Progressive movements that paved the way for gay marriage, voting protections for Black men and women, and other now-irrefutable rights are poised to free America from the notion that responsible marijuana use should constitute a crime.
Through several successful Nov. 3 ballot measures, voters in Arizona, Montana, New Jersey, and South Dakota legalized recreational marijuana use while voters in Mississippi legalized medical marijuana. With the new tally, 15 states now allow the sale and use of marijuana.
With the exception of a few states, including Texas, Americans are rejecting a failed and costly war on drugs that has ravished minority communities and driven the needless incarcerations of nonviolent offenders. A 2019 Pew Research Poll found that two-thirds of Americans support legalizing marijuana while only 8% of poll respondents thought marijuana should be illegal under any circumstance. Support of marijuana reforms is stronger among Democrats (78%) than Republicans (44%), the poll found.
While district attorneys in Dallas and other counties have taken steps to deprioritize the prosecutions of low levels of marijuana possession, Gov. Greg Abbott and state leadership show no sign of joining the nationwide effort to reform marijuana laws.
Last year in Texas, following the legalization of CBD (the non-psychoactive agent found in marijuana and hemp plants), many county prosecutors began dropping criminal charges for marijuana and hemp possession charges that would require costly tests to determine the percentage of CBD and THC (the psychoactive agent in marijuana) present. Those tests can require up to six months to complete.
Abbott issued a letter reminding district attorneys that “marijuana has not been decriminalized in Texas,” among other reprimands.
Marijuana law reforms are critical for reversing decades of societal damage that resulted from discriminatory laws that criminalize poverty and target minority communities. Texas had the highest number of marijuana possession arrests in 2018, according to a recent report by the ACLU. Black men and women are arrested for marijuana possession at more than twice the rate of whites.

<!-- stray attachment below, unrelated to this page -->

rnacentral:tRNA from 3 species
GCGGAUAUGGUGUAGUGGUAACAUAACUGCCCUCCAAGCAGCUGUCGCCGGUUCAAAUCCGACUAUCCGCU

In 2019, the Tarrant County District Attorney’s office accepted misdemeanor criminal charges (possession under two ounces) against 3,767 men and women. Of that number, 52% of the alleged offenders were Black, even though the Black community accounts for only 15% of Tarrant County’s population. When Latinx defendants are added in, persons of color accounted for 63% of local marijuana charges. The Brookings Institution, an American think tank, found little variation in marijuana use by race, which leaves over-policing as a likely explanation for the Tarrant County numbers.
Those nonviolent offenses can lead to monetary bail amounts of up to $1,000, according to Tarrant County figures. Bail monetizes freedom. Individuals who cannot pony up the money remain in Tarrant County Jail, where 10 inmates have died in custody this year alone, for weeks or months on end.
Deaths from drug overdoses have reached alarming levels in this country, and those casualties are largely being driven by pharmaceutical corporations that rake in billions in profits each year and are protected by politicians financially beholden to the corporations.
According to the Centers for Disease Control and Prevention (CDC), more than 31,000 drug-related deaths in the United States resulted from synthetic opioids in 2018. Last year, reported deaths from drug overdoses reached a record 72,000 with opioids (synthetic and non-synthetic) accounting for more than two-thirds of the total deaths, according to the CDC.
As with any drug, health-related problems like lung disease, addiction, and others can result from marijuana use. Proponents of marijuana reform say the benefits — tax revenue, reduced alcohol consumption, anxiety control, joie de vivre — far outweigh the potential costs, and 15 states have now codified that belief into law.